Hello there 👋 I've created an ultimate pull request checklist which summarises some of the best practises we pursue in every pull request.
There are many blogposts about merge review checklists, but none of them covered everything I wanted so I've created my own.
Authors should memorise it and apply these rules when making a pull request. Otherwise you'll burn reviewer's time and later your time fixing the threads (that you could prevent).
We are using Gitlab for vcs, Django on BE and React w/ typescript on FE. So few points may be related to them.
There it is:
- Review your code outside the editor you've written the code in and review the code once more in VCS.
- Have a clear understanding of the problem and set the expectations on what it should do and how before you start to code. Evaluate this once more when you do a self-review.
- You should be able to draw a simple diagram and explain your solution to some colleague. This will help you find any possible problems before you start to code.
- Does it do what it is supposed to do?
- Did you remove everything that is not supposed to be there?
- Aren't there any debug prints or
TODOcomments you want to do or remove?
- Is the branch up-to-date with master?
- Isn't there any conceivable way this could break other parts of the system?
- Check all of the possible edge cases and have a solution for them.
- Is the code easy to read and understand? Did you choose the best names and organise things as cleanly as possible?
- name should not involve any historical context
- name should be clear to any developer who passes by or sees the code for the first time
- Isn't the functionality you've added already implemented somewhere else? If it's duplicated, reconsider the design.
- if you cannot figure out how to deduplicate the code, try drawing a diagram of the system and find the pure underlying abstraction - there is always an answer
- Is there a single source of truth to every piece of logic?
- Ask yourself - How much expertise and context will anybody reading this code need to understand?
- Did you introduce any new abstractions?
- Don't they cause additional complexity that can be achieved without the abstraction?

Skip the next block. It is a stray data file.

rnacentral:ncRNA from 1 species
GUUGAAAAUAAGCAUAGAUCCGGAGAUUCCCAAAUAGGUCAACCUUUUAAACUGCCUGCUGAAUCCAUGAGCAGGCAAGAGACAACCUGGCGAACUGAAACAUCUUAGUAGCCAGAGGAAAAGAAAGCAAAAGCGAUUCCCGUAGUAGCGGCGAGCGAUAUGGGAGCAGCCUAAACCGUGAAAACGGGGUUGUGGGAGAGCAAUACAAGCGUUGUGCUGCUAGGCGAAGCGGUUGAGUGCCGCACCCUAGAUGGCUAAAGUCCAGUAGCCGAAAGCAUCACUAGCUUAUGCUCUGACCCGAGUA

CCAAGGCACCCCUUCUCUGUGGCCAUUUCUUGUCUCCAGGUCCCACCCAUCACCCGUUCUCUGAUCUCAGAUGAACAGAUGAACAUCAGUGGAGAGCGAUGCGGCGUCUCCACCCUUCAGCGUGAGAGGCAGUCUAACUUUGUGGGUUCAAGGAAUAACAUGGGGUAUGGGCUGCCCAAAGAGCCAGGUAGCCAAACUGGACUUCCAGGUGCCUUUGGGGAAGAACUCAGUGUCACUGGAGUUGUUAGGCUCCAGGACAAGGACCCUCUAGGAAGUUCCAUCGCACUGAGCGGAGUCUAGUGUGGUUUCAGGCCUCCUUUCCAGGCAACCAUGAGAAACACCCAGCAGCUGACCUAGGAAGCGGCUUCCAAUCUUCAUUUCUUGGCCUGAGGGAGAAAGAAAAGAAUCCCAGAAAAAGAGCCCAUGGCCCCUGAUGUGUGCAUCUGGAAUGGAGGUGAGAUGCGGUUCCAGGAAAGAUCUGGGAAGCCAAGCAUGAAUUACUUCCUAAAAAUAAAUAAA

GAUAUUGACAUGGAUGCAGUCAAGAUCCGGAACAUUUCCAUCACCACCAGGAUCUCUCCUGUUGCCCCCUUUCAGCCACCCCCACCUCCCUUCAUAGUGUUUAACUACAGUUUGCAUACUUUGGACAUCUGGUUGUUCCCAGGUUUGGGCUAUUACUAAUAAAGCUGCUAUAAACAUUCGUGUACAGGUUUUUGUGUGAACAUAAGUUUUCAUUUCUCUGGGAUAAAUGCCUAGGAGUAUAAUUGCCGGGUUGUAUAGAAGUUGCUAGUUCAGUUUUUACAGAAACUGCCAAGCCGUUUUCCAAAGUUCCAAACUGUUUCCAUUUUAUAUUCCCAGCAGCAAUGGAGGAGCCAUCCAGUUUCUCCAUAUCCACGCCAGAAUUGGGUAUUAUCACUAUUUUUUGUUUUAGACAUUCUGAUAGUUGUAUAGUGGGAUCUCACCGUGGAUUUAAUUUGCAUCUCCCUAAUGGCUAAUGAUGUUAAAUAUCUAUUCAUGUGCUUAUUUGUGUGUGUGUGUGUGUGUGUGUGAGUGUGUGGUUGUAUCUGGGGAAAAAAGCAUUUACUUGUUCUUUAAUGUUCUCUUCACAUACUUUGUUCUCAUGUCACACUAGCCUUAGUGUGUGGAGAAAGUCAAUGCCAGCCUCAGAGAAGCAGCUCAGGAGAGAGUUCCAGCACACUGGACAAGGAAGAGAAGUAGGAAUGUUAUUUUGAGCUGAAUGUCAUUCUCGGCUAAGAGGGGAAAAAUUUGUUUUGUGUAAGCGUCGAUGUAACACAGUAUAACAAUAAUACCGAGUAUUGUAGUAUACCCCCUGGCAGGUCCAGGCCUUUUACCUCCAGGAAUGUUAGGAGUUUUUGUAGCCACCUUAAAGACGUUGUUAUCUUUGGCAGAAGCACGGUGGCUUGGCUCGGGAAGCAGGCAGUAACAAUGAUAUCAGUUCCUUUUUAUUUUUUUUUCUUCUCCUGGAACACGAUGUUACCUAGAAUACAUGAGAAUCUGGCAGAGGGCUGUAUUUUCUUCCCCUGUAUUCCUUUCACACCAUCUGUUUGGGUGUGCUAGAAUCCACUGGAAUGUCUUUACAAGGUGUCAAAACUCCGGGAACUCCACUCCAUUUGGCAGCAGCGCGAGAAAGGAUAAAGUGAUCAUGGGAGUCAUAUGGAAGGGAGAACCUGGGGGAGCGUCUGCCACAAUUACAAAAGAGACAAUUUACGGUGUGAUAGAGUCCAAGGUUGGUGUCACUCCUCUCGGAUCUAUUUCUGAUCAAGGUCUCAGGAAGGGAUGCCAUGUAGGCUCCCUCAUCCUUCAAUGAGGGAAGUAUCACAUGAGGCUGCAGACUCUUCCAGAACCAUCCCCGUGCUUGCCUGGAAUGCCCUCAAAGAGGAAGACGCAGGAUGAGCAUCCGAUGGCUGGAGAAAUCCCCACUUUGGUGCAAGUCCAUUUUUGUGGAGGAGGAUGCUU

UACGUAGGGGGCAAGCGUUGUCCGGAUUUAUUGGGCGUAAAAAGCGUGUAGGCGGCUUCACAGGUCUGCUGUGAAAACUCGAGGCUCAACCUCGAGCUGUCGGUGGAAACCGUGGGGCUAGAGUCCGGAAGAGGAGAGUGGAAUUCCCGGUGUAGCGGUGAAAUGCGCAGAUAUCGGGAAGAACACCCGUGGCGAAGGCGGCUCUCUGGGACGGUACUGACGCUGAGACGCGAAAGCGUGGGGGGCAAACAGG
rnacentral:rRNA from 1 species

- Are you able to draw a simple diagram of the system?
- Did you ever see similar abstraction in some other software?
- Is it as simple as possible?
- Will it be easy to expand with more features? Have you thought about what other features we could add there and if it's possible?
- Is there anything you are not sure about? Just ask.
- Did you use already implemented ui components?
- Is UI visually consistent? (font size, line height, margin, padding)
- Can you find similar UI in other software?
- Our's shouldn't be different, else explain why it is so.
- If you added any complex multi-step flow, then you should be able to draw a diagram of it and explain it including possible branches and error validation.
- Does it look OK on phone?
- How is the copy? Are sentences well-formed and clear? Any spelling error or typos?
- What if the request to the backend fails?
- Did you make any changes to the component in the
components? Check if all usages of the component still work as expected.
- Aren't there any possible security threats?
- Isn't any private data exposed to the public? Is the public part of the app available to the public?
- Aren't there any circular module dependencies?
- Did you add any inline import?
- Why it's so? Are you able to draw a simple diagram of the system and explain?
- Models should not have any methods which doesn't really belong there.
- Are there any issues that will become problems in the next months or years?
- Thing them out and discuss them with the reviewer in the merge request.
- Does the new classes or modules have only single responsibility?
- Is it possible to write tests for this functionality?
- What if anything fails? Prevent side-effects before changes are committed.
Understand that a migration can corrupt data and it is extremely difficult (sometimes impossible) to fix it. A single wrong migration can result in several man-days burnt in vain. We've been through this. It's not nice. Be careful.
- Migrations should be always, reversible. When it's data transformation, you must write reverse transformation.
- Never delete a column that was previously used, instead keep the field in the model and mark it with comment
# DEPRECATED in version vX.Y.Z
- Never delete data that is used – if you need to transform data, create a new column and do the transformation there, keep the original data in the original column, use deprecation comment or prepend
old_to the column
- If you have experimented with database schema before settling for a final solution, squash your migrations
- Be extra careful about migrating large tables – there may be millions of rows in that tables and not all operations are safe to run, because it would take too long and fail
- in that case, create async task which should be run after the code is deployed. Pay attention on that the task should be resumable, because it can be interrupted by failure or another deploy.
- Always use
queryset.iterator(), which will prevent memory issues
- Log migration progress by step of reasonable size
- When doing data transformation, create some sample data, so you can correctly handle the edge cases
- Use this chrome extension to easily see unresolved threads on merge requests. (Gitlab only)
- Check all of the points above and create merge request threads for any violations.
- Merge request threads should not be resolved without any comment, because then the reviewer needs to check the resolution by himself and it's a waste of time.
- You should ask the reviewer to review your merge request, it will be merged faster. If it takes too long, the author will lose context of the issue and it will take more time to him and the reviewer fix and review it again.
Feedback is much appreciated.